Japanese city bikes do not receive the love they deserve.

Introducing the Mamachari

The mamachari is the family station wagon of Japan. For the most part they're cheap, reliable and perfect for daily tasks such as ferrying one or more children to school doing the shopping and taking yourself to the station. They're under appreciated and I want to change that. Read article.

Why Cargo Bikes Face A Tough Market In Japan

I love cargo bikes, and wish I had one when my children were smaller and I had to carry all that play equipment to the part for weekend picnics, but given the cost and versatility of the Japanese mamachari bicycle I believe cargo bikes face a tough time entering the Japanese market. Read article.

How To

A collection of articles on how things are done in Japan to help you out.

Can I take my bicycle on the train in Japan?

Sure you can, but it has to be partially disassembled and packed neatly into a bicycle bag (or failing that some garbage bags from the nearest convenience store!) Read article.

How To Register Your Bicycle in Japan

All bicycles in Japan must be registered, and display a registration sticker. Although the sticker is easily removed the police rely on this system to return stolen bicycles to their owners. If you're caught riding a bicycle without a sticker the police can detain you under suspicion of being a bicycle thief and can even confiscate your bicycle. This article has links to all the forms require to register your bicycle and transfer ownership of a bicycle to another person. Read article.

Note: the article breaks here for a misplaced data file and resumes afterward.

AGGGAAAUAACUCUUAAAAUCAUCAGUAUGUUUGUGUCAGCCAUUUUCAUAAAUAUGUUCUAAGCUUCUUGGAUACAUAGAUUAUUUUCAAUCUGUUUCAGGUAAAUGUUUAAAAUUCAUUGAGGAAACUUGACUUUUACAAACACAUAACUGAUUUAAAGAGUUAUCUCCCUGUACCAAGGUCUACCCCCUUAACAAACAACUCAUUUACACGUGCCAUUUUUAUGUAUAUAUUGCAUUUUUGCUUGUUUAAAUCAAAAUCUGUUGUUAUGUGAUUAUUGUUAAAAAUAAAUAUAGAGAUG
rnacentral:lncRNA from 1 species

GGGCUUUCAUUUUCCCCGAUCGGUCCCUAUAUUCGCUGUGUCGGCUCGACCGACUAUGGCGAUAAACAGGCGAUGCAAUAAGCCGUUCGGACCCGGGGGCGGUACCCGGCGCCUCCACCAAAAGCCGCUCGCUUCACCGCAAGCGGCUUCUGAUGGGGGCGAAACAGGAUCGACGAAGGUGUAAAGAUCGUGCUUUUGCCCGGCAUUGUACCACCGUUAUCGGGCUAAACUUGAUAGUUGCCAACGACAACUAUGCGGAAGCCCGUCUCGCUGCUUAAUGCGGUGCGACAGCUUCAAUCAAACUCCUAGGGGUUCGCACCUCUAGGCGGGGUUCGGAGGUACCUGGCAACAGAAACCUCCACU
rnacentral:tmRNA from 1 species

Traveling from Narita Airport to Tokyo with a Bicycle

Tokyo's main international airport isn't even in Tokyo which makes transporting your bicycle from the airport to the city a bit of a challenge. This article explains some of the options available. Read article.

11 Tips For Cyclists New To Tokyo

You may be an experienced and confident urban cyclists, but each city is different. This article points our some common dangers and dangerous practices that may be unique to cycling in Japanese cities. Read article.

How To Cycle Japanese Style

On second thought, maybe you shouldn't follow these tips. Read article.

There are literally hundreds of articles about cycling in Japan on Tokyo By Bike. I've highlighted many of my favourites and most popular ones here, but often surprise even myself when I dig up a forgotten article from the past. Please do explore the site and do not hesitate to contact me if you can't find just the information you're looking for.



Video: Precision Training at the Keirin School in Japan

Gillette World Sport recently visited the Japan Keirin School in Shuzenji to document the training regimes that students undergo in order to reach their full potential as professional keirin racers.

The first keirin event in Japan was organised by the local government in the city of Kokura in 1948 as a gambling event to raise funds for post-war reconstruction and as a way to develop the lucrative bicycle industry. From there it has grown into a nationwide spectacle with 47 velodromes around Japan each hosting events on 70 days of the year.  Almost 2,500 professional racers participate in keirin events nationwide making it Japan's largest professional sport. From its humble beginnings keirin has become an official Olympic event, increasing its profile and popularity internationally. Olympic keirin debued at the 2000 Sydney Games and the first Japanese racer to win an Olympic medal was Kiyofumi Nagai took 3rd place for Japan at the 2008 Beijing Olympics.